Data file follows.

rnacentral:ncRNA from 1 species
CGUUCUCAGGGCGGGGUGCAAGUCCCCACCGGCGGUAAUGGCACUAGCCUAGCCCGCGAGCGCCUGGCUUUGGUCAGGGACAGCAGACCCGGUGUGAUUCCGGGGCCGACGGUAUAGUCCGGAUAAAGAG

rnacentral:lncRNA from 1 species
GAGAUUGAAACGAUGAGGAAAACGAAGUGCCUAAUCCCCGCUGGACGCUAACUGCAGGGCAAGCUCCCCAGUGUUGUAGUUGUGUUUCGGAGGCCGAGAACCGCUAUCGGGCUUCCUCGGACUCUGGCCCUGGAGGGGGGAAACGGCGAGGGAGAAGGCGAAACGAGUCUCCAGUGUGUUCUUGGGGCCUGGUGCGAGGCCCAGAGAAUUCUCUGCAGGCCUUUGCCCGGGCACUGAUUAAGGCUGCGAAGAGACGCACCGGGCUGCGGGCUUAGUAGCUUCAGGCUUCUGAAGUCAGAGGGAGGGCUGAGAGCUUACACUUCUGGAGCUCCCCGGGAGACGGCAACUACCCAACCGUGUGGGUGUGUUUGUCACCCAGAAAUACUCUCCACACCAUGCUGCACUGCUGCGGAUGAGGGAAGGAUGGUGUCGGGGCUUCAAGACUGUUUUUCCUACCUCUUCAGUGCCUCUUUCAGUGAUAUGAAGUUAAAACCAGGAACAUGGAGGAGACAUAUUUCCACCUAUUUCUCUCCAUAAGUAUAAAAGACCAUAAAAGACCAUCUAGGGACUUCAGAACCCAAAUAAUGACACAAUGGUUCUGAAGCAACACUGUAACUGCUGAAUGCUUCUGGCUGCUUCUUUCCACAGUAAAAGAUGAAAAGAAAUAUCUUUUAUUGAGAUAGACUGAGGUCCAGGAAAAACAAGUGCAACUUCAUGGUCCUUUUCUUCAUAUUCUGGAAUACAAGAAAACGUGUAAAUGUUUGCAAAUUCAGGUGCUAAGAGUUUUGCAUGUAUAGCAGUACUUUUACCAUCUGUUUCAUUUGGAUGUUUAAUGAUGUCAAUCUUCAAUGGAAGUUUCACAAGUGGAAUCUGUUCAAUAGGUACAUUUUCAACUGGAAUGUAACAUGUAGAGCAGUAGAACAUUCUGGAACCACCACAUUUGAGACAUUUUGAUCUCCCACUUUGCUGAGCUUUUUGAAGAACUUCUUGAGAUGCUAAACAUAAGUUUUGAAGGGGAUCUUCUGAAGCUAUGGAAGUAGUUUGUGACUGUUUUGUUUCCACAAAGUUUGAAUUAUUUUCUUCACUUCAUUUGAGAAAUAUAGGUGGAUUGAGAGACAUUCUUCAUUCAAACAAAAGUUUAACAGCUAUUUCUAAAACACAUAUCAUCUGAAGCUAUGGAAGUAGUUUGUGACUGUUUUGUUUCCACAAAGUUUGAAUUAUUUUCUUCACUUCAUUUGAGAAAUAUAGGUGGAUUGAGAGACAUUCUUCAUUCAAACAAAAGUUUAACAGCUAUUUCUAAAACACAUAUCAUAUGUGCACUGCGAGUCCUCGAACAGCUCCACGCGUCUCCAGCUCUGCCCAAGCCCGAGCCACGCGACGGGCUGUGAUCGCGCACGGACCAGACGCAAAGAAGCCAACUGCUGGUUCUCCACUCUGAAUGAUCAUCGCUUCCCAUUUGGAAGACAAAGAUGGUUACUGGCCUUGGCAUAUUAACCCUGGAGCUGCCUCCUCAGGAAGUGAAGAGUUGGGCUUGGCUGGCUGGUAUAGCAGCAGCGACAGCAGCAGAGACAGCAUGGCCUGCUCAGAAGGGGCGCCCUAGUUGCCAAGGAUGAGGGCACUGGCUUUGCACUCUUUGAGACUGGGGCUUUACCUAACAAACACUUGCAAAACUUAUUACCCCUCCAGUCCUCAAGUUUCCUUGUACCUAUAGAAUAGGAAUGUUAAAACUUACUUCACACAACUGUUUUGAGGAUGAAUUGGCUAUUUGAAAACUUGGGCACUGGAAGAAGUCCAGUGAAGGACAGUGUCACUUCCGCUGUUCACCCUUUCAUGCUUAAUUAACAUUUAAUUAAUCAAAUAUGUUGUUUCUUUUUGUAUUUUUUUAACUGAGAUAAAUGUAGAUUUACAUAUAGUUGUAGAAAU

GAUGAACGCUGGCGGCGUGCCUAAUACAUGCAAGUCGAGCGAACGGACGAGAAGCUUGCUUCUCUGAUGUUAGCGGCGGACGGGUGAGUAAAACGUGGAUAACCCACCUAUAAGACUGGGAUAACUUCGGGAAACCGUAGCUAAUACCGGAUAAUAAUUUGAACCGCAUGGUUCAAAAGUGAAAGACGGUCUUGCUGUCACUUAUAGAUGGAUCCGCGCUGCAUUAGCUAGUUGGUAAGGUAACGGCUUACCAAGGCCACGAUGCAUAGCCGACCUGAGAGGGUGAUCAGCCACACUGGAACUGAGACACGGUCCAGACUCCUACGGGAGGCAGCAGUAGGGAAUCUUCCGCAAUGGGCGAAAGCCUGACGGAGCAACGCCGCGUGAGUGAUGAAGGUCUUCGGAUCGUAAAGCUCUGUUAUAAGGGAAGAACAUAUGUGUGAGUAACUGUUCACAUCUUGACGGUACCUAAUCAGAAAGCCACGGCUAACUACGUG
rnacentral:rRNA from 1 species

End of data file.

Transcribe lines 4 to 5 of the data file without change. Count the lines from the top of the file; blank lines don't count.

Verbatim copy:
GAGAUUGAAACGAUGAGGAAAACGAAGUGCCUAAUCCCCGCUGGACGCUAACUGCAGGGCAAGCUCCCCAGUGUUGUAGUUGUGUUUCGGAGGCCGAGAACCGCUAUCGGGCUUCCUCGGACUCUGGCCCUGGAGGGGGGAAACGGCGAGGGAGAAGGCGAAACGAGUCUCCAGUGUGUUCUUGGGGCCUGGUGCGAGGCCCAGAGAAUUCUCUGCAGGCCUUUGCCCGGGCACUGAUUAAGGCUGCGAAGAGACGCACCGGGCUGCGGGCUUAGUAGCUUCAGGCUUCUGAAGUCAGAGGGAGGGCUGAGAGCUUACACUUCUGGAGCUCCCCGGGAGACGGCAACUACCCAACCGUGUGGGUGUGUUUGUCACCCAGAAAUACUCUCCACACCAUGCUGCACUGCUGCGGAUGAGGGAAGGAUGGUGUCGGGGCUUCAAGACUGUUUUUCCUACCUCUUCAGUGCCUCUUUCAGUGAUAUGAAGUUAAAACCAGGAACAUGGAGGAGACAUAUUUCCACCUAUUUCUCUCCAUAAGUAUAAAAGACCAUAAAAGACCAUCUAGGGACUUCAGAACCCAAAUAAUGACACAAUGGUUCUGAAGCAACACUGUAACUGCUGAAUGCUUCUGGCUGCUUCUUUCCACAGUAAAAGAUGAAAAGAAAUAUCUUUUAUUGAGAUAGACUGAGGUCCAGGAAAAACAAGUGCAACUUCAUGGUCCUUUUCUUCAUAUUCUGGAAUACAAGAAAACGUGUAAAUGUUUGCAAAUUCAGGUGCUAAGAGUUUUGCAUGUAUAGCAGUACUUUUACCAUCUGUUUCAUUUGGAUGUUUAAUGAUGUCAAUCUUCAAUGGAAGUUUCACAAGUGGAAUCUGUUCAAUAGGUACAUUUUCAACUGGAAUGUAACAUGUAGAGCAGUAGAACAUUCUGGAACCACCACAUUUGAGACAUUUUGAUCUCCCACUUUGCUGAGCUUUUUGAAGAACUUCUUGAGAUGCUAAACAUAAGUUUUGAAGGGGAUCUUCUGAAGCUAUGGAAGUAGUUUGUGACUGUUUUGUUUCCACAAAGUUUGAAUUAUUUUCUUCACUUCAUUUGAGAAAUAUAGGUGGAUUGAGAGACAUUCUUCAUUCAAACAAAAGUUUAACAGCUAUUUCUAAAACACAUAUCAUCUGAAGCUAUGGAAGUAGUUUGUGACUGUUUUGUUUCCACAAAGUUUGAAUUAUUUUCUUCACUUCAUUUGAGAAAUAUAGGUGGAUUGAGAGACAUUCUUCAUUCAAACAAAAGUUUAACAGCUAUUUCUAAAACACAUAUCAUAUGUGCACUGCGAGUCCUCGAACAGCUCCACGCGUCUCCAGCUCUGCCCAAGCCCGAGCCACGCGACGGGCUGUGAUCGCGCACGGACCAGACGCAAAGAAGCCAACUGCUGGUUCUCCACUCUGAAUGAUCAUCGCUUCCCAUUUGGAAGACAAAGAUGGUUACUGGCCUUGGCAUAUUAACCCUGGAGCUGCCUCCUCAGGAAGUGAAGAGUUGGGCUUGGCUGGCUGGUAUAGCAGCAGCGACAGCAGCAGAGACAGCAUGGCCUGCUCAGAAGGGGCGCCCUAGUUGCCAAGGAUGAGGGCACUGGCUUUGCACUCUUUGAGACUGGGGCUUUACCUAACAAACACUUGCAAAACUUAUUACCCCUCCAGUCCUCAAGUUUCCUUGUACCUAUAGAAUAGGAAUGUUAAAACUUACUUCACACAACUGUUUUGAGGAUGAAUUGGCUAUUUGAAAACUUGGGCACUGGAAGAAGUCCAGUGAAGGACAGUGUCACUUCCGCUGUUCACCCUUUCAUGCUUAAUUAACAUUUAAUUAAUCAAAUAUGUUGUUUCUUUUUGUAUUUUUUUAACUGAGAUAAAUGUAGAUUUACAUAUAGUUGUAGAAAU

GAUGAACGCUGGCGGCGUGCCUAAUACAUGCAAGUCGAGCGAACGGACGAGAAGCUUGCUUCUCUGAUGUUAGCGGCGGACGGGUGAGUAAAACGUGGAUAACCCACCUAUAAGACUGGGAUAACUUCGGGAAACCGUAGCUAAUACCGGAUAAUAAUUUGAACCGCAUGGUUCAAAAGUGAAAGACGGUCUUGCUGUCACUUAUAGAUGGAUCCGCGCUGCAUUAGCUAGUUGGUAAGGUAACGGCUUACCAAGGCCACGAUGCAUAGCCGACCUGAGAGGGUGAUCAGCCACACUGGAACUGAGACACGGUCCAGACUCCUACGGGAGGCAGCAGUAGGGAAUCUUCCGCAAUGGGCGAAAGCCUGACGGAGCAACGCCGCGUGAGUGAUGAAGGUCUUCGGAUCGUAAAGCUCUGUUAUAAGGGAAGAACAUAUGUGUGAGUAACUGUUCACAUCUUGACGGUACCUAAUCAGAAAGCCACGGCUAACUACGUG